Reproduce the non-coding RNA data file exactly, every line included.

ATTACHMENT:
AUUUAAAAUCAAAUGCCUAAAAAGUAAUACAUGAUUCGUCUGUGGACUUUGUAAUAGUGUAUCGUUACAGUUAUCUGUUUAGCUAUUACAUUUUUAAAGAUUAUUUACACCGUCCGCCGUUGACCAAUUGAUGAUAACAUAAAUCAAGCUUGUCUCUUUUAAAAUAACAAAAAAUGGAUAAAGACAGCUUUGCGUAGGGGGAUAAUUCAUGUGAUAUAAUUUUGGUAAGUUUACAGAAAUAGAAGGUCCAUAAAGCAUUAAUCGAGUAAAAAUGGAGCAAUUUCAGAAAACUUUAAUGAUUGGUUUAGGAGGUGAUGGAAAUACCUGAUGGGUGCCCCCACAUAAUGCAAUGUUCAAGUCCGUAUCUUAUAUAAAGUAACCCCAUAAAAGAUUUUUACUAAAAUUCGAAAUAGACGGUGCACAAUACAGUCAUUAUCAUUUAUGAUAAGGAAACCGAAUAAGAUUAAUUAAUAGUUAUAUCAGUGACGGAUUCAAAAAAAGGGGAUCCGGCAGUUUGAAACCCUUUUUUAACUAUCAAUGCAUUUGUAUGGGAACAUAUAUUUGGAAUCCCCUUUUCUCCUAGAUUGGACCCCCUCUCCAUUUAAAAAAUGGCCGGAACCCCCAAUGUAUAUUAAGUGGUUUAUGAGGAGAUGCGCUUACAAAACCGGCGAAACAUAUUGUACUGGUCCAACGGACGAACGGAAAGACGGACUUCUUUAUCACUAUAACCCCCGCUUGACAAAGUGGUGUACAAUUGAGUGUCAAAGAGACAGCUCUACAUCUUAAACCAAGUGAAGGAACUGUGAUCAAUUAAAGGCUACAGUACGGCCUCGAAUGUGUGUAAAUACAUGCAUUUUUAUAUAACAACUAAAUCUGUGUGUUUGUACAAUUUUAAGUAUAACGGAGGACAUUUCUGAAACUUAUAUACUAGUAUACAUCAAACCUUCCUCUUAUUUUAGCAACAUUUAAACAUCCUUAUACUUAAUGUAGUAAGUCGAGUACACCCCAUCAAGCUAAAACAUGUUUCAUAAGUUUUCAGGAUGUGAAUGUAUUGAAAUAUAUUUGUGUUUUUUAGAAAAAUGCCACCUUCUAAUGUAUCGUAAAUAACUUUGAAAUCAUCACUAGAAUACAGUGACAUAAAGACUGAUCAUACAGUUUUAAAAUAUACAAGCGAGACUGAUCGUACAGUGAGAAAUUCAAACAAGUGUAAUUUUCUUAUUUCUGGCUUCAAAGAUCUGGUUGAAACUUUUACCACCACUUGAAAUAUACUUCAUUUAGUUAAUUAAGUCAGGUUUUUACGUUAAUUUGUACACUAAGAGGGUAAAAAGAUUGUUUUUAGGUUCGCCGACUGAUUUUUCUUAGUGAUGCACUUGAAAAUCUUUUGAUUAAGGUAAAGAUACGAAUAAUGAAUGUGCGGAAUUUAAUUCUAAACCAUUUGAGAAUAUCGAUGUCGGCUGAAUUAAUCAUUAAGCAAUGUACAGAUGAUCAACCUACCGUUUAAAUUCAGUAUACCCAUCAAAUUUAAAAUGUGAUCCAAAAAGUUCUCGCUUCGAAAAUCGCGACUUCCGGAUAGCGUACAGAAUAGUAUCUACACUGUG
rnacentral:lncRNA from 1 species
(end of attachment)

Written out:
AUUUAAAAUCAAAUGCCUAAAAAGUAAUACAUGAUUCGUCUGUGGACUUUGUAAUAGUGUAUCGUUACAGUUAUCUGUUUAGCUAUUACAUUUUUAAAGAUUAUUUACACCGUCCGCCGUUGACCAAUUGAUGAUAACAUAAAUCAAGCUUGUCUCUUUUAAAAUAACAAAAAAUGGAUAAAGACAGCUUUGCGUAGGGGGAUAAUUCAUGUGAUAUAAUUUUGGUAAGUUUACAGAAAUAGAAGGUCCAUAAAGCAUUAAUCGAGUAAAAAUGGAGCAAUUUCAGAAAACUUUAAUGAUUGGUUUAGGAGGUGAUGGAAAUACCUGAUGGGUGCCCCCACAUAAUGCAAUGUUCAAGUCCGUAUCUUAUAUAAAGUAACCCCAUAAAAGAUUUUUACUAAAAUUCGAAAUAGACGGUGCACAAUACAGUCAUUAUCAUUUAUGAUAAGGAAACCGAAUAAGAUUAAUUAAUAGUUAUAUCAGUGACGGAUUCAAAAAAAGGGGAUCCGGCAGUUUGAAACCCUUUUUUAACUAUCAAUGCAUUUGUAUGGGAACAUAUAUUUGGAAUCCCCUUUUCUCCUAGAUUGGACCCCCUCUCCAUUUAAAAAAUGGCCGGAACCCCCAAUGUAUAUUAAGUGGUUUAUGAGGAGAUGCGCUUACAAAACCGGCGAAACAUAUUGUACUGGUCCAACGGACGAACGGAAAGACGGACUUCUUUAUCACUAUAACCCCCGCUUGACAAAGUGGUGUACAAUUGAGUGUCAAAGAGACAGCUCUACAUCUUAAACCAAGUGAAGGAACUGUGAUCAAUUAAAGGCUACAGUACGGCCUCGAAUGUGUGUAAAUACAUGCAUUUUUAUAUAACAACUAAAUCUGUGUGUUUGUACAAUUUUAAGUAUAACGGAGGACAUUUCUGAAACUUAUAUACUAGUAUACAUCAAACCUUCCUCUUAUUUUAGCAACAUUUAAACAUCCUUAUACUUAAUGUAGUAAGUCGAGUACACCCCAUCAAGCUAAAACAUGUUUCAUAAGUUUUCAGGAUGUGAAUGUAUUGAAAUAUAUUUGUGUUUUUUAGAAAAAUGCCACCUUCUAAUGUAUCGUAAAUAACUUUGAAAUCAUCACUAGAAUACAGUGACAUAAAGACUGAUCAUACAGUUUUAAAAUAUACAAGCGAGACUGAUCGUACAGUGAGAAAUUCAAACAAGUGUAAUUUUCUUAUUUCUGGCUUCAAAGAUCUGGUUGAAACUUUUACCACCACUUGAAAUAUACUUCAUUUAGUUAAUUAAGUCAGGUUUUUACGUUAAUUUGUACACUAAGAGGGUAAAAAGAUUGUUUUUAGGUUCGCCGACUGAUUUUUCUUAGUGAUGCACUUGAAAAUCUUUUGAUUAAGGUAAAGAUACGAAUAAUGAAUGUGCGGAAUUUAAUUCUAAACCAUUUGAGAAUAUCGAUGUCGGCUGAAUUAAUCAUUAAGCAAUGUACAGAUGAUCAACCUACCGUUUAAAUUCAGUAUACCCAUCAAAUUUAAAAUGUGAUCCAAAAAGUUCUCGCUUCGAAAAUCGCGACUUCCGGAUAGCGUACAGAAUAGUAUCUACACUGUG
rnacentral:lncRNA from 1 species